The Big Candy lobby and others who want to outsource U.S. sugar production and U.S. sugar jobs have said that U.S. sugar policy harms consumers by keeping domestic prices higher than the rest of the world.
Sugar critics base this talking point on the faulty assumption that cheap subsidized sugar from the “dump market” flows freely everywhere else in the world. But is foreign sugar really that cheap?
Shoppers around the world pay, on average, 20% more for sugar than we do in America, according to a new report just released by SIS International. The global market research company further found that consumers in similar developed nations are forking over 29% more for sugar in grocery stores.
Of course, Big Candy will argue that the wholesale price it pays for sugar is the real issue, not the retail prices grocery shoppers pay. So what about those prices?
The London-based International Sugar Organization just concluded the most thorough examination of wholesale sugar prices ever done, looking at prices in nearly 80 countries.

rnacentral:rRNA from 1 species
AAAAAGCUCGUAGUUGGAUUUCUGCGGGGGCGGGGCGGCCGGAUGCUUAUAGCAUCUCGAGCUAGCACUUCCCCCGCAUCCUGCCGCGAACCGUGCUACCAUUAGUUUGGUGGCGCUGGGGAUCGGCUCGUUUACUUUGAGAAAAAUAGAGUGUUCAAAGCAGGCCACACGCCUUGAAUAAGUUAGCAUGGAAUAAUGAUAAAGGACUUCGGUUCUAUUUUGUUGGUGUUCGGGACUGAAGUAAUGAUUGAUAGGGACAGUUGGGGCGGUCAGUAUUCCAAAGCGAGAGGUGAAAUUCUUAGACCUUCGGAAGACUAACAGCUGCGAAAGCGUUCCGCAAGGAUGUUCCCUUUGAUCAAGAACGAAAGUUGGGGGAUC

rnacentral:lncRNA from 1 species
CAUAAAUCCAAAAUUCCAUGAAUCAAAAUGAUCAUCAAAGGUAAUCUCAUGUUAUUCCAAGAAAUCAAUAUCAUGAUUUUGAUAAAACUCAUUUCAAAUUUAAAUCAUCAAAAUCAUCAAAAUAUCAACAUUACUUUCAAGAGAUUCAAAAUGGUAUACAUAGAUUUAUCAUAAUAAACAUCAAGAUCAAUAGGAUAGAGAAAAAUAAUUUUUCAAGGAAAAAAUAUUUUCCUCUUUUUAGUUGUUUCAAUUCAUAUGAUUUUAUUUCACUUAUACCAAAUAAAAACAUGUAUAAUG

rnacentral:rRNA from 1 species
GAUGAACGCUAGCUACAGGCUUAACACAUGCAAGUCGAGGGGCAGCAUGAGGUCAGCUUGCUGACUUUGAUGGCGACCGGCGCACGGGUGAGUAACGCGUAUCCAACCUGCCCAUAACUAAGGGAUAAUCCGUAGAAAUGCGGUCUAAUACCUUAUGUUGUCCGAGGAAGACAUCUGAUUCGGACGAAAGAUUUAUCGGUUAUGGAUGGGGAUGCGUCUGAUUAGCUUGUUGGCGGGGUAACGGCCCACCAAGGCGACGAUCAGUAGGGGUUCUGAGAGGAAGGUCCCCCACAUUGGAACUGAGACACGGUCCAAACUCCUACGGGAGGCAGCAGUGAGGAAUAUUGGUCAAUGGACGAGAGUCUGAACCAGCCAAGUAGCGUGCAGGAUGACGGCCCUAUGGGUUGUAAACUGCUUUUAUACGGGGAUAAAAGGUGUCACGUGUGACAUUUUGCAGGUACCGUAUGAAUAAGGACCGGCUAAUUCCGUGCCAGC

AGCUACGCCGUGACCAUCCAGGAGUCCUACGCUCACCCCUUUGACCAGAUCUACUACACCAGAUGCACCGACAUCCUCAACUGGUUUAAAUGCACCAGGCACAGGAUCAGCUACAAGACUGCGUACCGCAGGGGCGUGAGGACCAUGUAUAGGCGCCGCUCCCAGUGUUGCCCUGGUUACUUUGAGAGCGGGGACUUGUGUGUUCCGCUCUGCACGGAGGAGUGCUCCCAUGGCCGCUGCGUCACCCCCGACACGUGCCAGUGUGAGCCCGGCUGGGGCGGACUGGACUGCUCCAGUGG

What it found is that Big Candy’s global competitors have been paying an average of 31 cents for a pound of sugar for the past decade – 46% higher than the price U.S. confectioners believe is fair. And its competitors in other developed nations have paid an average of 41 cents per pound – nearly double the world dump market price to which the confectioners want access.
For comparison sake, U.S. wholesale prices currently sit at 34 cents per pound, which is in line with current average prices around the world and well below prices in other developed countries. It’s also important to remember that the U.S. price includes transportation and storage costs, whereas those charges would have to be added to the foreign prices.
The bottom line: Big Candy is complaining just for the sake of complaining. U.S. sugar policy is working as Congress intended, and the 2014 Farm Bill should not be re-opened during the Appropriations process to gut it.
Vote no on all anti-sugar amendments during the appropriations process.